Ruxolitinib prior to transplant1

For most patients with MF, ruxolitinib has become the standard of care as it can provide a rapid, sustained reduction in splenomegaly, improve symptoms and quality of life, and may possibly increase survival. A recent study by the European Society for Blood and Marrow Transplantation-Chronic Malignancy Working Party (EBMT-CMWP), previously published on the MPN Hub, demonstrated that patients who responded to pretreatment ruxolitinib experienced a lower incidence of graft failure compared with those who experienced no response to ruxolitinib or those who had lost response. This suggests that transplantation while the patient is still responsive to ruxolitinib is preferable to waiting until a change in or loss of response.

However, the rate of drug discontinuation due to side effects or lack of efficacy is 38% after 1 year and 45% after 2 years. Moreover, clonal evolution occurs earlier and more frequently among patients on ruxolitinib compared with those who are not. Ruxolitinib may therefore exert a selective pressure on bone morrow cells, and so it is probably best to discontinue treatment if this occurs and consider either allo-HSCT or other investigational targeted agents.

Despite the above, tapering of ruxolitinib can lead to ‘ruxolitinib withdrawal syndrome’, which is characterized by rapid progression of disease, worsening of cytopenias, and rapidly increasing splenomegaly that can lead to hemodynamic instability, shock, and possible cytokine release syndrome. The tapering schedule is not standardized in the context of allo-HSCT, and schedules vary according to individual center protocols.

Some studies have shown that salvage treatment after ruxolitinib discontinuation can lead to clinical responses; nevertheless, these responses are rare and outcomes in this patient population are poor but can be improved by includ­ing allo-HSCT in the therapeutic strategy.

When should allo-HSCT be performed? 1

Biological age is no longer considered as a limiting factor for transplant; however, careful selection is necessary for patients aged over 65 years. Factors to consider when selecting patients for allo-HSCT include comorbidities (as they may limit the intensity of the transplant regimen and affect risk of relapse), Karnofsky index, clinical symptoms, quality of life, transfusion dependence, response to ruxolitinib, karyotype, and mutations.

A transplantation algorithm based on the DIPSS+ score can be seen in Figure 1.

  • Patients with a low DIPSS+ score are generally not considered for allo-HSCT, while for those with a high score (>3), allo-HSCT is advised.
  • Patients with an intermediate-1 risk (DIPSS+ score of 1–2) with ≥2% blasts in peripheral blood and/or transfusion dependence/refractoriness may also benefit from transplant.
  • For patients with advanced disease, or those who do not respond to JAK inhibitors, allo-HSCT is the only viable option.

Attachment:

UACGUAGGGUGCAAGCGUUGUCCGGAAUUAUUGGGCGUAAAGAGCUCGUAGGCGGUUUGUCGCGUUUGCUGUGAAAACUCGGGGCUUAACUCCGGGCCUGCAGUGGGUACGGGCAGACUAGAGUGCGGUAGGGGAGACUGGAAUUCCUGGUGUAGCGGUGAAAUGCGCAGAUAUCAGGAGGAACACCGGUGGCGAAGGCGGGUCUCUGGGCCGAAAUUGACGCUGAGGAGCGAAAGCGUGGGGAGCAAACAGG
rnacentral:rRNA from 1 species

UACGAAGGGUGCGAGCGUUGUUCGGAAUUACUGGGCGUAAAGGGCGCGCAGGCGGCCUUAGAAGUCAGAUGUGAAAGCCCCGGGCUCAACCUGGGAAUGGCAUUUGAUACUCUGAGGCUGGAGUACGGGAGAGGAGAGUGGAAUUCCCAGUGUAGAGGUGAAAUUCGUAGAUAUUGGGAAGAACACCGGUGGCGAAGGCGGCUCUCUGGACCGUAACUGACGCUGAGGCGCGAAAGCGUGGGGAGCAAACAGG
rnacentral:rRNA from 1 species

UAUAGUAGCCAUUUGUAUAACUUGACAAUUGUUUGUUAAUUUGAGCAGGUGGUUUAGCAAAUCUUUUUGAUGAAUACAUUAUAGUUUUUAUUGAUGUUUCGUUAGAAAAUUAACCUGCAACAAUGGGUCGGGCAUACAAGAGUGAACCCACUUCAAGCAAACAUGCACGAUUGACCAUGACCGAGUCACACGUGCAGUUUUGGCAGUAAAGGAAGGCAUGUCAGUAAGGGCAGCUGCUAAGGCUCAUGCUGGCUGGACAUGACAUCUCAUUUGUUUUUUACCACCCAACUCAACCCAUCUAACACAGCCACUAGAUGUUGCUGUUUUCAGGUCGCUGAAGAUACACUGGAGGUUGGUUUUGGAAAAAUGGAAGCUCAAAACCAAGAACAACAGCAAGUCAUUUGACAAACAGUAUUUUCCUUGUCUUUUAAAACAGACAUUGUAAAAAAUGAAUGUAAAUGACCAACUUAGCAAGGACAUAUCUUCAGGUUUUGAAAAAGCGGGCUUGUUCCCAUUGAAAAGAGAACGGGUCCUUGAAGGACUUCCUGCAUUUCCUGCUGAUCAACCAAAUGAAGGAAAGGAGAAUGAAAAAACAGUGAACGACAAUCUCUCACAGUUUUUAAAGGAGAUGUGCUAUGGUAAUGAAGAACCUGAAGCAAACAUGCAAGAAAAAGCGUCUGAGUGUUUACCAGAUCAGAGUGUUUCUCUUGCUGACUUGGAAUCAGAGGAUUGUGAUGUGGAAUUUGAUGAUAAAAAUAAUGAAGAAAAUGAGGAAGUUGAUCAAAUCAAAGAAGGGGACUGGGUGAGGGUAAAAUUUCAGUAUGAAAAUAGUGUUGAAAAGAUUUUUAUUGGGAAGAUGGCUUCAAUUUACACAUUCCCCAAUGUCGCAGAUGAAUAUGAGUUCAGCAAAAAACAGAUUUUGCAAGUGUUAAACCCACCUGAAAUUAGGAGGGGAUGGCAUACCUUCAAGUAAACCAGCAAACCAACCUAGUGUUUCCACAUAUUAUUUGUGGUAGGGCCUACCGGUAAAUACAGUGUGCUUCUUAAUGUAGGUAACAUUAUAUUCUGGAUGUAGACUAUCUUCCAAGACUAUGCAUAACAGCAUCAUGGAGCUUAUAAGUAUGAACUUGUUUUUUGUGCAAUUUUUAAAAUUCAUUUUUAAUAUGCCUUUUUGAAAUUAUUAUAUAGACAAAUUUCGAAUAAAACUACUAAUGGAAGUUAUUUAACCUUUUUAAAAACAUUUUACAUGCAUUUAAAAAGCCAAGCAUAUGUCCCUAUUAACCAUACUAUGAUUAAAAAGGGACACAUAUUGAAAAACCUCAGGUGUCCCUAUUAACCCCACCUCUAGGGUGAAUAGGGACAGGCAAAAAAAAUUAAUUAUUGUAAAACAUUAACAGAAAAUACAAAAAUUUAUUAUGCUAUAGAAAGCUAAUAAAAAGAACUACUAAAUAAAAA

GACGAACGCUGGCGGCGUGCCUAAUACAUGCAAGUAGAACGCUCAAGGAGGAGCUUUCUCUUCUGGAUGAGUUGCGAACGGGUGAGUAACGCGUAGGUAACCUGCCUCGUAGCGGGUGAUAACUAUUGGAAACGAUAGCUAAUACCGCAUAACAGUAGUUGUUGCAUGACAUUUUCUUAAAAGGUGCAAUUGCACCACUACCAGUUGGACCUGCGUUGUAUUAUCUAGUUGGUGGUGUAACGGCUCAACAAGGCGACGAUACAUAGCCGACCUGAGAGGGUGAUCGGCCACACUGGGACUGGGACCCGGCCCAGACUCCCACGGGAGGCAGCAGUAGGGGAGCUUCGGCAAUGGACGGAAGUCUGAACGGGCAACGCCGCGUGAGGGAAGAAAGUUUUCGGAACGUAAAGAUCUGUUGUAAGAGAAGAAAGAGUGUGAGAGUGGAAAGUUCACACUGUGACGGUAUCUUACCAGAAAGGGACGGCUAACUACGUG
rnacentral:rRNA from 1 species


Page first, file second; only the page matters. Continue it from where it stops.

Figure 1. Transplantation algorithm for patients with MF based on the DIPSS+ score*

Allo-HSCT, allogeneic hematopoietic stem cell transplantation; PB, peripheral blood.
*Adapted from Savani et al.1

Allo-HSCT is advised for patients with adverse karyotype or triple-negative disease (no mutations of JAK2, CALR or MPL1). Patients with an absence of Type 1 CALR mutations also have a similar risk profile to those with triple-negative disease, and so should be taken into consideration for early allo-HSCT. Allo-HSCT should also be considered for patients with ≥2 high-risk mutations and those with primary MF with any high-risk mutation, in addition to other clinical and transplant-specific risk factors.

Transplantation after progression/leukemic transformation1

Transformation to AML from MF or ET/PV occurs in ~10−20% of patients. For those with clonal evolution, with or without leukemic progression, transplantation is currently considered the best therapeutic option. Survival is not as good for patients who progress to leukemia compared with those transplanted earlier in the disease course. However, survival rates are better if patients are treated with chemotherapy and achieve complete remission (CR) prior to transplantation, compared with those that do not achieve CR.

Optimal donor selection1

In patients with MF, donor selection plays a significant role in the outcomes of allo-HSCT, with a lower non-relapse mortality (NRM) and better survival rates seen in patients with matched sibling donors compared with those with unrelated donors (URD) at 1 year. For those without a human leukocyte antigen (HLA)-identical related donor, URD cord blood and URD bone marrow are viable options; nevertheless, close monitoring is needed due to a high risk of NRM with URD cord blood transplantation. When no matched related donor or matched unrelated donors are available, it is recommended to consider haploidentical HSCT as patients can achieve engraftment with acceptable incidence of graft-versus-host disease (GvHD), with encouraging progression-free survival (PFS) and OS.

Conditioning regimen1

The type of conditioning regimen can impact posttransplant outcomes in terms of survival, relapse, and engraftment. Myeloablative conditioning regimens are not often used as patients with primary MF have a median age of 60−67 years of age, and so often have significant comorbidities. Therefore, they are given reduced toxicity (RTC) or intensity (RIC) conditioning regimens.

Current guidelines recommend the use of oral busulfan with targeted dosing according to plasma levels and alternatively, considering intravenous busulfan guided by plasma levels. Currently, there is no conclusive evidence to support the use of a particular conditioning regimen. Despite this, favorable results have been seen with the use of busulfan-cyclophosphamide and fludarabine-busulfan, and anti-thymocyte globulin (ATG).